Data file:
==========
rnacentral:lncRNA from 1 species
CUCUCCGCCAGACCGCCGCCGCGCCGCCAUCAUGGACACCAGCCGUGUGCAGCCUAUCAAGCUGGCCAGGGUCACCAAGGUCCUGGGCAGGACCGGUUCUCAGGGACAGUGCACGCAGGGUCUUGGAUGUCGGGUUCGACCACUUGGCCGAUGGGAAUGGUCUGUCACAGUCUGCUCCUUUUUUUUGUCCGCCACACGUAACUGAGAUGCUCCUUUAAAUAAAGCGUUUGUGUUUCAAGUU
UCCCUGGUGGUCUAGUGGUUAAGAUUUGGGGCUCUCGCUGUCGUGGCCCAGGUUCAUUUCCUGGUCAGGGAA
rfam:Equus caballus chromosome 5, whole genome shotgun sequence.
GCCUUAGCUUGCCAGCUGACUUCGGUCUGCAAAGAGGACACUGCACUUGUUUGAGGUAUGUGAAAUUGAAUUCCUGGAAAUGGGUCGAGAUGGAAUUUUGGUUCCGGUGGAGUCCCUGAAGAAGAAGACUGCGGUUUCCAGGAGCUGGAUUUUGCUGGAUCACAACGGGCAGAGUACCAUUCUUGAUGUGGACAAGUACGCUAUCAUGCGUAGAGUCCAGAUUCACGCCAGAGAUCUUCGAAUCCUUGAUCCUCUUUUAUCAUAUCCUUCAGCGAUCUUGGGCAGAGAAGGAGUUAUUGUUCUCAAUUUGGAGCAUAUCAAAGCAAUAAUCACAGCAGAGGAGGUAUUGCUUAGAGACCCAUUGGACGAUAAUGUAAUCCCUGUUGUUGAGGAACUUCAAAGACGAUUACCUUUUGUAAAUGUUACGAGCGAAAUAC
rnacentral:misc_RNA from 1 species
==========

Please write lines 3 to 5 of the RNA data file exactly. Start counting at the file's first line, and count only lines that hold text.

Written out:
UCCCUGGUGGUCUAGUGGUUAAGAUUUGGGGCUCUCGCUGUCGUGGCCCAGGUUCAUUUCCUGGUCAGGGAA
rfam:Equus caballus chromosome 5, whole genome shotgun sequence.
GCCUUAGCUUGCCAGCUGACUUCGGUCUGCAAAGAGGACACUGCACUUGUUUGAGGUAUGUGAAAUUGAAUUCCUGGAAAUGGGUCGAGAUGGAAUUUUGGUUCCGGUGGAGUCCCUGAAGAAGAAGACUGCGGUUUCCAGGAGCUGGAUUUUGCUGGAUCACAACGGGCAGAGUACCAUUCUUGAUGUGGACAAGUACGCUAUCAUGCGUAGAGUCCAGAUUCACGCCAGAGAUCUUCGAAUCCUUGAUCCUCUUUUAUCAUAUCCUUCAGCGAUCUUGGGCAGAGAAGGAGUUAUUGUUCUCAAUUUGGAGCAUAUCAAAGCAAUAAUCACAGCAGAGGAGGUAUUGCUUAGAGACCCAUUGGACGAUAAUGUAAUCCCUGUUGUUGAGGAACUUCAAAGACGAUUACCUUUUGUAAAUGUUACGAGCGAAAUAC